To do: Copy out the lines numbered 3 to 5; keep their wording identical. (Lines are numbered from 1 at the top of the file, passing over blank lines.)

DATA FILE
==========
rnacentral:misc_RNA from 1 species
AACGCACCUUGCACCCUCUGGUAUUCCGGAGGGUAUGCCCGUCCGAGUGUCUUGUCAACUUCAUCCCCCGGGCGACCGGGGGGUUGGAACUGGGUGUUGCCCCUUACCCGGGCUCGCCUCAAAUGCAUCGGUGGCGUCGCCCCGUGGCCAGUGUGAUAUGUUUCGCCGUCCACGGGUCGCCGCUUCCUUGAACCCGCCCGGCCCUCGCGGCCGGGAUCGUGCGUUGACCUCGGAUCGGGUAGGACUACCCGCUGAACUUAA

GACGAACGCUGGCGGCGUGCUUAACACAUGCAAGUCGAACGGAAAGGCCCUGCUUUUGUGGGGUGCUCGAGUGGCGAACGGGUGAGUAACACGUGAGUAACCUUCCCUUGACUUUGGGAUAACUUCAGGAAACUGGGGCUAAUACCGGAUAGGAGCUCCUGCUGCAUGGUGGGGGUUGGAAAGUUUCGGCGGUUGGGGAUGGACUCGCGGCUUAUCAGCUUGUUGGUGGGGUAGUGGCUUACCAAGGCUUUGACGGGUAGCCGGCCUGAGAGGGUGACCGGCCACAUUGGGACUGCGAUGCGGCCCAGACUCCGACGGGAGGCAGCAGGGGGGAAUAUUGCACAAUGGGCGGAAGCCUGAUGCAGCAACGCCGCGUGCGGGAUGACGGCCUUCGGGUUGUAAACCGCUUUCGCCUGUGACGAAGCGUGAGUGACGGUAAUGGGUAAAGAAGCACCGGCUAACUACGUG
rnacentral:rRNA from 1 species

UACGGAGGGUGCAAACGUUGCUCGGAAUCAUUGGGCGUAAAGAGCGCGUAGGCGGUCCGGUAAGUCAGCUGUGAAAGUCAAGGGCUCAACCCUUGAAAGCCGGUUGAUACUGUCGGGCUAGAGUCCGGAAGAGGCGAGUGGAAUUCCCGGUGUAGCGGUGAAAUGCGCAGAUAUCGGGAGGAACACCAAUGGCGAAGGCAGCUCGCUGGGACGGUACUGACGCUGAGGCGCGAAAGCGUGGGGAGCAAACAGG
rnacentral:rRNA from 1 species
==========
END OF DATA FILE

GACGAACGCUGGCGGCGUGCUUAACACAUGCAAGUCGAACGGAAAGGCCCUGCUUUUGUGGGGUGCUCGAGUGGCGAACGGGUGAGUAACACGUGAGUAACCUUCCCUUGACUUUGGGAUAACUUCAGGAAACUGGGGCUAAUACCGGAUAGGAGCUCCUGCUGCAUGGUGGGGGUUGGAAAGUUUCGGCGGUUGGGGAUGGACUCGCGGCUUAUCAGCUUGUUGGUGGGGUAGUGGCUUACCAAGGCUUUGACGGGUAGCCGGCCUGAGAGGGUGACCGGCCACAUUGGGACUGCGAUGCGGCCCAGACUCCGACGGGAGGCAGCAGGGGGGAAUAUUGCACAAUGGGCGGAAGCCUGAUGCAGCAACGCCGCGUGCGGGAUGACGGCCUUCGGGUUGUAAACCGCUUUCGCCUGUGACGAAGCGUGAGUGACGGUAAUGGGUAAAGAAGCACCGGCUAACUACGUG
rnacentral:rRNA from 1 species

UACGGAGGGUGCAAACGUUGCUCGGAAUCAUUGGGCGUAAAGAGCGCGUAGGCGGUCCGGUAAGUCAGCUGUGAAAGUCAAGGGCUCAACCCUUGAAAGCCGGUUGAUACUGUCGGGCUAGAGUCCGGAAGAGGCGAGUGGAAUUCCCGGUGUAGCGGUGAAAUGCGCAGAUAUCGGGAGGAACACCAAUGGCGAAGGCAGCUCGCUGGGACGGUACUGACGCUGAGGCGCGAAAGCGUGGGGAGCAAACAGG